Key words: Turmeric, antioxidant activity, drying kinetics.


The contribution of synthetic additives to the advancement of the sensory characteristics of foods and improvement of their life-of-shelf is unquestionable,  which  significantly contributes to the progress of food industries. However, global trends seek solutions to the partial or total substitution of synthetic by natural substances in order  to improve the quality of foods (Filho et al., 2000).
Within a wide range of natural dyes, turmeric or saffron (Curcuma longa L.) is an orange-yellowish rhizome that provides the extract with its main pigment been curcumin. Turmeric has three structurally analogous curcuminoid dyes belonging to the class of diferuloylmethane (  (Hamerski et al., 2013). Isolation and application of these compounds show properties that contribute to results that have proven that this pigment has therapeutic value, anti-inflammatory, anti-cancer, antibacterial and antifungal activity against foodborne pathogens and as preservative in food formulations (Naidu et al., 2009; Wang et al., 2009; Akran et al., 2010).
Currently, turmeric has increased participation in food products, mainly as dye in pasta, mustards, sauces (curry), cheeses, eggs and snacks like potato chips, and is also used in margarine and meat with antioxidant purposes (Volp et al., 2009).
Among various studies in literature related to the inherent properties of turmeric essential oils, the in vitro antimicrobial (Péret-Almeida et al., 2008) and antioxidant activities stand out (Jayaprakasha et al., 2006), which contribute to the interest in the development of new turmeric-based products.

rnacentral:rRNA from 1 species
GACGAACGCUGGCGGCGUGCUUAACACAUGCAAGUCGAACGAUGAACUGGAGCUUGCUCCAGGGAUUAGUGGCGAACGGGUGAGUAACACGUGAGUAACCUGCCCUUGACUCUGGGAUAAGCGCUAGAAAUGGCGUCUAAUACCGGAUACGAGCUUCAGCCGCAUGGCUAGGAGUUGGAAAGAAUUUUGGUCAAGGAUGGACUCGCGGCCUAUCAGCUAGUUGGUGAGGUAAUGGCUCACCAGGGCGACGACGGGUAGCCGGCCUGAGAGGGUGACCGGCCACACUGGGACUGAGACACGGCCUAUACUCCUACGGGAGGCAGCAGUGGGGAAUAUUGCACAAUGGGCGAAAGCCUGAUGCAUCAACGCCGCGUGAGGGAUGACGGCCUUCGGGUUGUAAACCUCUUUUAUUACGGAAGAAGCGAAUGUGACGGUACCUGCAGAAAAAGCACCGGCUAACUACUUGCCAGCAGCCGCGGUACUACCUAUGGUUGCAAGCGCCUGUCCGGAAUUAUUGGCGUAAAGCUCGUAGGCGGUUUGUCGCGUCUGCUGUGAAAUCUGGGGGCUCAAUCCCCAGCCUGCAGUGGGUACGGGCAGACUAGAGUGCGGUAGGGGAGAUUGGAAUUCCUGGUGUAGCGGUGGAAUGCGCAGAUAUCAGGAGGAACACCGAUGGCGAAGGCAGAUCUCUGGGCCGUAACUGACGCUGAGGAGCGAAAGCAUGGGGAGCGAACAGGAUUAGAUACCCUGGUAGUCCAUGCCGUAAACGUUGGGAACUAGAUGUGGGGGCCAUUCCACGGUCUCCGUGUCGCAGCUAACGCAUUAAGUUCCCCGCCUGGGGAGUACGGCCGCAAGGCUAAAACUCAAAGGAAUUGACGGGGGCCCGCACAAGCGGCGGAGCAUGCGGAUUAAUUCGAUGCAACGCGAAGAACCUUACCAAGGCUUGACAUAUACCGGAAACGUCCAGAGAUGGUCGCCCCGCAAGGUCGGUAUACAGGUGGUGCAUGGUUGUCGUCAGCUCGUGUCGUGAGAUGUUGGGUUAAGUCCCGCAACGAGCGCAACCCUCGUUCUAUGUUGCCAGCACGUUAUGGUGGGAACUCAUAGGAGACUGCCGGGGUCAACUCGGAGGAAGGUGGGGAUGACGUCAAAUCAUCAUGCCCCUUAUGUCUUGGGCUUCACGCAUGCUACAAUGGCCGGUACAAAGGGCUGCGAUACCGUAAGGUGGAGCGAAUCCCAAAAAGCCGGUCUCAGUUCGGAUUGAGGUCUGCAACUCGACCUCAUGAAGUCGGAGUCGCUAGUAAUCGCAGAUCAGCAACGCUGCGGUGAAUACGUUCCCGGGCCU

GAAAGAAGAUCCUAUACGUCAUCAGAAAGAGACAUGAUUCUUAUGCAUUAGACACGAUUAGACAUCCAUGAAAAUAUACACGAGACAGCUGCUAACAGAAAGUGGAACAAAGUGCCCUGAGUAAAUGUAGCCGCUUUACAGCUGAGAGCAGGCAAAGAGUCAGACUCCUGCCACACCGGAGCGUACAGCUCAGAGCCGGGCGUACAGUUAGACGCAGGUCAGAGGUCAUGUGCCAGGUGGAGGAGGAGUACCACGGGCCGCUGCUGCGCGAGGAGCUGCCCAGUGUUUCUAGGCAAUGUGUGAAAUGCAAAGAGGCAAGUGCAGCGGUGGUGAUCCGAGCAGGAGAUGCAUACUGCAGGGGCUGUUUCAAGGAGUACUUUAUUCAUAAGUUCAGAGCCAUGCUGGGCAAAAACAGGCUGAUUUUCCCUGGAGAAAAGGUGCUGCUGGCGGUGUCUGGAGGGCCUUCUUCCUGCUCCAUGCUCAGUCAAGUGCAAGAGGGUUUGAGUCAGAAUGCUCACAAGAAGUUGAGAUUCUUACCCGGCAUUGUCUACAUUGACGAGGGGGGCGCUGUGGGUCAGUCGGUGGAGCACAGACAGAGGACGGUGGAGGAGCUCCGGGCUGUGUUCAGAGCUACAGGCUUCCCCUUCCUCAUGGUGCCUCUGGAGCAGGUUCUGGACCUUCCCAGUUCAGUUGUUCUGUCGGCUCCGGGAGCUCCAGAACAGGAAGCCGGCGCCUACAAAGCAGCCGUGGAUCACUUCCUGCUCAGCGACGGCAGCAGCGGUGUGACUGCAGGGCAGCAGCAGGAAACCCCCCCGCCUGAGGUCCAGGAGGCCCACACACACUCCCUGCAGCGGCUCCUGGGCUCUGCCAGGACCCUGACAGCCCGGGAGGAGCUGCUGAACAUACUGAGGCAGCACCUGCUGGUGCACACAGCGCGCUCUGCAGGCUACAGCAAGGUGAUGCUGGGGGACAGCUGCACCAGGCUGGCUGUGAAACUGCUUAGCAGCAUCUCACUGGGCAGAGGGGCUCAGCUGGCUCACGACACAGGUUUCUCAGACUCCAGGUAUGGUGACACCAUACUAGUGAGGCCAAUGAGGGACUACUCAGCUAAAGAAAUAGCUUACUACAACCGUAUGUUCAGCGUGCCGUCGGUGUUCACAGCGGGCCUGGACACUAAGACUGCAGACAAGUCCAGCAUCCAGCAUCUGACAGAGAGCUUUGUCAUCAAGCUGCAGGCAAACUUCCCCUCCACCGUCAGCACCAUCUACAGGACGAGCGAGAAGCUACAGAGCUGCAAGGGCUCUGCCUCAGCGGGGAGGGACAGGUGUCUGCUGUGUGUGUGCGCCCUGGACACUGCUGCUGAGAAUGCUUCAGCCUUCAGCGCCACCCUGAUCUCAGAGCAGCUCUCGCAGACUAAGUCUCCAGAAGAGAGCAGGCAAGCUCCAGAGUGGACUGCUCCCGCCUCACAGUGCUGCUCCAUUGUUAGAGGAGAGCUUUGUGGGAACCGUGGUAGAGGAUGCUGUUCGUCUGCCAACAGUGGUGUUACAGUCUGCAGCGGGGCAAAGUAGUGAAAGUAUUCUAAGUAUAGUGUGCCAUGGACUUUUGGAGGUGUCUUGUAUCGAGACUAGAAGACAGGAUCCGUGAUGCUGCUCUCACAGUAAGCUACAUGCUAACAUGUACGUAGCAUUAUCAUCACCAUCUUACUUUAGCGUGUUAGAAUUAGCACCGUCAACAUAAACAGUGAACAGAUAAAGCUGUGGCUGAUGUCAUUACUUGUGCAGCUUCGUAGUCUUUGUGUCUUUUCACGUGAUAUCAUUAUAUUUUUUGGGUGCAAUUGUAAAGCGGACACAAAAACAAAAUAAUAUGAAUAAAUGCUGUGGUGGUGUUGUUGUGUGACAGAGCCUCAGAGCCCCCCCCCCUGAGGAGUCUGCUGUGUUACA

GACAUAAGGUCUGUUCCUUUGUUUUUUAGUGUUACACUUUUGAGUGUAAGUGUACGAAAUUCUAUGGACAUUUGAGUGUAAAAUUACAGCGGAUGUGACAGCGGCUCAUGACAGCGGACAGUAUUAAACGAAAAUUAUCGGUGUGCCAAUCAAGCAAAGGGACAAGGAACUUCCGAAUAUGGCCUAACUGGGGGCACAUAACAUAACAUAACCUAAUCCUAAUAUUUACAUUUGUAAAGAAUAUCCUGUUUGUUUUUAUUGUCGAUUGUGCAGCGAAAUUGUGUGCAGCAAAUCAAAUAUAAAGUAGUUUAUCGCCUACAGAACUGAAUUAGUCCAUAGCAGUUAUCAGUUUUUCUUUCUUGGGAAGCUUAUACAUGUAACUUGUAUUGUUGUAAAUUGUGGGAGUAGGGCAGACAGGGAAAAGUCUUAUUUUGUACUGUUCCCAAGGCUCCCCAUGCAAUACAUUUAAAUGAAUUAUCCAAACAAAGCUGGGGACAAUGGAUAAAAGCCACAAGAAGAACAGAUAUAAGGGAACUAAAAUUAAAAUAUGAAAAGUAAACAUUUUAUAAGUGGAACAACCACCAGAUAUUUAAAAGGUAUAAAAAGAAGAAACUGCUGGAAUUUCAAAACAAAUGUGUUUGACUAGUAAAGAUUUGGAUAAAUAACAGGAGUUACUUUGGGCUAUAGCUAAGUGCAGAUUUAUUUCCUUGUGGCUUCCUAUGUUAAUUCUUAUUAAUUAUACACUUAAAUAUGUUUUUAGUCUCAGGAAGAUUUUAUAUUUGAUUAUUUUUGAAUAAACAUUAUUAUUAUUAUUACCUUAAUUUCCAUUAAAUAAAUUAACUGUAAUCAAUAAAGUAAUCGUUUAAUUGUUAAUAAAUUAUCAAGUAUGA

In this context, due to the limited information concerning the preparation of turmeric-based products, this work aimed to evaluate rhizomes regarding physical characteristics and proximate composition, antioxidant activity, essential oil yield, drying kinetics and fit to mathematical models, color parameters, particle size and scanning electron microscopy.


Fresh C. longa L. rhizomes collected in municipality of Rio Verde, GO, under geographical coordinates: 17°37'38, 26"S, and 50°45'18, 94"W, altitude 704 m above sea level, were used using hoe and manual pull-off into the ground at random. Rhizomes were then transported to the Laboratório de Frutas e Hortaliças, Instituto Federal Goiano – Campus Rio Verde, GO. Fresh rhizomes were selected, sorted cleaned, and stored at room temperature. Part of fresh rhizomes was packed in plastic bags, sealed and stored under refrigeration (4°C) until moment of specific analysis.
Sample preparation
For sample preparation, turmeric rhizomes underwent no pre-drying treatment. After cleaning with hypochlorite solution at 150 ppm for 15 min, the film involving rhizomes was removed using stainless knife. A fraction of fresh rhizomes was ground in a food processor to analyze the antioxidant activity and extraction of essential oils. The other fraction underwent manual slicing to obtain slices with 2.3 ± 0.1 mm in thickness, which were submitted to drying processes in an oven with forced air, with velocity for 5 m/s, circulation at temperature of 65°C to complete dryness to obtain the drying curve. After drying, the samples were ground, vacuum packed in bags and stored   polyethylene   temperature   at   20° C   until   the   time    of subsequent analyzes.